Manage Your IT Infrastructure Effectively with Zentyal

zentyal-officeRead about how Inmantec Institutions switched to Zentyal (formerly e-box Platform), which is a program for a Linux server and is meant for SMBs. Zentyal has a multi-faceted platform, as we will discover through this series.

Over the past many years, Inmantec Institutions had faced issues in managing its IT infrastructure. Problems included handling static IP pools for students and staff, managing Internet bandwidth such that it was not misused, etc. Here’s a first hand account of how open source helped the institute manage its IT infrastructure efficiently and in a cost-effective manner.

For years, Inmantec used commercial software to manage its IT infrastructure. And like all proprietary software, this, too, did not provide the institution with a customised solution to manage the IP addresses of its students and staff, efficiently. In the case of static IP addresses, the institution was provided with four VLANs for all the staff and students of different courses. Most of the time, the organisation used IP addresses. These large static IP address pools had performance issues on commercial software. Inmantec required features like a captive portal, a DHCP server, real-time monitoring of users’ downloads and uploads with statistics, etc. With all these issues to be addressed, different open source software were tested till Zentyal server was discovered. It resolved most of the problems.

Zentyal is a Linux-based business server, which is a replacement for Microsoft Small Business Server and Microsoft Exchange Server. The beauty of the software lies in its simplicity, short installation period and minimal maintenance. The features that attracted Inmantec to Zentyal were:
1.     Communication Server, which has a mail server, groupware and instant messaging system.
2.     Office Server, which contains an LDAP directory server, file sharing and domain services, printer sharing and backup facilities.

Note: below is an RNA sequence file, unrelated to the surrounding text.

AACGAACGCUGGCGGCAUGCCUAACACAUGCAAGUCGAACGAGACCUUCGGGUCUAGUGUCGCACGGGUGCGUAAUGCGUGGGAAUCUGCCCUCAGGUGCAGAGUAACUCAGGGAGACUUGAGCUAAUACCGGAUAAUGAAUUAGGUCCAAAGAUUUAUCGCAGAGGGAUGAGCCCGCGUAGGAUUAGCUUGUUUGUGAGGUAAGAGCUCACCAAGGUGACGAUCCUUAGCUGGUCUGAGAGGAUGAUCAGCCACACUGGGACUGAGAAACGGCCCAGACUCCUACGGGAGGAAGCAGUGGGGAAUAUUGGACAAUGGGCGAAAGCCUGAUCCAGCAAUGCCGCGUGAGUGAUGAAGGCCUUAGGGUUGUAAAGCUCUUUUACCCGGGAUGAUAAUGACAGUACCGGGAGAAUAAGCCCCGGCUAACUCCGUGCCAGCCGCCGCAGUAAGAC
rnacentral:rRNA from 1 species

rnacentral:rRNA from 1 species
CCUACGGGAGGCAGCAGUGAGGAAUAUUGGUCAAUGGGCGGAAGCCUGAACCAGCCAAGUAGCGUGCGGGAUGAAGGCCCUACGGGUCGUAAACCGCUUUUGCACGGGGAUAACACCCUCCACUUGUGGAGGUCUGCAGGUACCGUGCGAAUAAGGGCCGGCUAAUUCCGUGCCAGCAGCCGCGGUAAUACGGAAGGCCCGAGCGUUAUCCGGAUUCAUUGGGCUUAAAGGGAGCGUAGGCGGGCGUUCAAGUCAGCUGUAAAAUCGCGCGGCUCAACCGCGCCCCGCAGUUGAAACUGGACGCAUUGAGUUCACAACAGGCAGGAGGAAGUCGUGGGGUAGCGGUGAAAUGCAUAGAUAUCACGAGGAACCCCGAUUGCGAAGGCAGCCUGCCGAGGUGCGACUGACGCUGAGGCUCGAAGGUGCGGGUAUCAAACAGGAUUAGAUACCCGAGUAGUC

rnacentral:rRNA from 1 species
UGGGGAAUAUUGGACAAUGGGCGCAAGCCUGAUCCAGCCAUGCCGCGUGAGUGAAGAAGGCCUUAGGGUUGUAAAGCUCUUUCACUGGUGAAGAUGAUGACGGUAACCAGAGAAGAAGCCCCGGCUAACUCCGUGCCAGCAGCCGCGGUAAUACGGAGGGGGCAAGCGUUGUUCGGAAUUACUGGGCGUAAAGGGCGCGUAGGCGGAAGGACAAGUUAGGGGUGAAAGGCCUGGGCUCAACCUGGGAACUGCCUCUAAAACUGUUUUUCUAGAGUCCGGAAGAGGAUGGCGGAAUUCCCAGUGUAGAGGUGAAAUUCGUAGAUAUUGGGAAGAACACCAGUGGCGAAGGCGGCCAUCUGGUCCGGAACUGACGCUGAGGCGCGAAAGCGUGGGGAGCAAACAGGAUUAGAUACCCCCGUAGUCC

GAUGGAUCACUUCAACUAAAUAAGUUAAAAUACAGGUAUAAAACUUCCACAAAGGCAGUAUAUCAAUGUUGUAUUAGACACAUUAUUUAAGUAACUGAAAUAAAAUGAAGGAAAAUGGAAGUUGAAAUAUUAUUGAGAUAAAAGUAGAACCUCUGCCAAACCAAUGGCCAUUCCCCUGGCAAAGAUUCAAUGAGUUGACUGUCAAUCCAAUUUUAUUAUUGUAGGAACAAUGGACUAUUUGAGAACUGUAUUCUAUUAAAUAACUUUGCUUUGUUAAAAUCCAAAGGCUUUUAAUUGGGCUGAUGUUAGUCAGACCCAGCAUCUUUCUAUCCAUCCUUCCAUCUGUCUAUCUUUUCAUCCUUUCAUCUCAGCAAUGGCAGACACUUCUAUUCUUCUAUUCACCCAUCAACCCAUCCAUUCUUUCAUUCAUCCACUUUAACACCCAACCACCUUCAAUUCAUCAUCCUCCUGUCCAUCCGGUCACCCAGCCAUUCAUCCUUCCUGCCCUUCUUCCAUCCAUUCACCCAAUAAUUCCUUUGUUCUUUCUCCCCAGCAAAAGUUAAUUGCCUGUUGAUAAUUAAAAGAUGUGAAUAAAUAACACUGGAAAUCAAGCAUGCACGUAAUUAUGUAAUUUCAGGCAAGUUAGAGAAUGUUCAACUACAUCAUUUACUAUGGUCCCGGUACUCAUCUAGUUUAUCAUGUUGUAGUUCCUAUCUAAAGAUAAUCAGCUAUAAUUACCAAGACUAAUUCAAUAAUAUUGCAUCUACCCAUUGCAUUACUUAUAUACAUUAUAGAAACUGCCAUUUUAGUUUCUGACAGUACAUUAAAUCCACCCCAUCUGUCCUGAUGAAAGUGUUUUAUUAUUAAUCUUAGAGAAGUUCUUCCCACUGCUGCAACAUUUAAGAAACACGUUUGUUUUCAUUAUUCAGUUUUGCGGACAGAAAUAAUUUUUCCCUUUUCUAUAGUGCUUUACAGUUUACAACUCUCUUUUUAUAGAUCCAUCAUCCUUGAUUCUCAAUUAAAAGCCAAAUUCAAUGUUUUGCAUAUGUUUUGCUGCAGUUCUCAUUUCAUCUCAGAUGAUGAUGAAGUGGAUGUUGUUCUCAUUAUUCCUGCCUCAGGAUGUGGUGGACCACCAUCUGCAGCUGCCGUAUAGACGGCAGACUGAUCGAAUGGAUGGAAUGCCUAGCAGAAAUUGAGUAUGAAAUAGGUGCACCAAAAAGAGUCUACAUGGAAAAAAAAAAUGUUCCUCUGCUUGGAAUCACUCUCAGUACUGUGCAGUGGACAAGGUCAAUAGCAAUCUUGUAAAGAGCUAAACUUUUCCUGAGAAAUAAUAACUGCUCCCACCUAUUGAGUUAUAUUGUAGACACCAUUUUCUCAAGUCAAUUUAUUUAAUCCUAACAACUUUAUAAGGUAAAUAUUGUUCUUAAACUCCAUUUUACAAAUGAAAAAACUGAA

3.     Systems Management, which is a software management utility and monitors hardware performance.
4.     The infrastructure, which comprises a DHCP server, a DNS server, an NTP server, a certification authority, Apache Webserver, an FTP server and UPS management.
5.    Gateway and UTM, which has configurable network interfaces, high availability, advanced routing, an advanced firewall, traffic shaping and QOS, an advanced HTTP proxy server, a captive portal, a RADIUS server, VPN, an intrusion prevention system and mail filter.
Zentyal modules are customisable and can be handpicked at the time of installation. These features allow users to control most infrastructure management needs efficiently.
In this article, I will cover the setting up of Zentyal Server 3.4. We will explore two different scenarios—first a live scenario and then a test one. Those who do not have a spare server to use, can test run it on VirtualBox, which will be explained later.
Scenario 1: Setting up Zentyal on a
production server
Hardware requirements:

  • 32/64-bit hardware
  • Two network interface cards
  • 20 GB of hard disk space

Software requirements:

  • Zentyal 3.4 32/64-bit server.

A server has two interface cards: eth0 and eth1. The interface eth0 is connected to the ISP, with a static address, and eth1 is connected to the LAN. The LAN interface is used to supply IP addresses to clients using a DHCP server. Interface eth1 is assigned two local IPs— and in order to serve two VLANs (virtual LANs). Each IP address range has some IPs reserved for internal use, which can be assigned for internal servers, copiers, printers, etc, and the rest of the range can be assigned to clients. This range of IP addresses can serve up to 490 clients.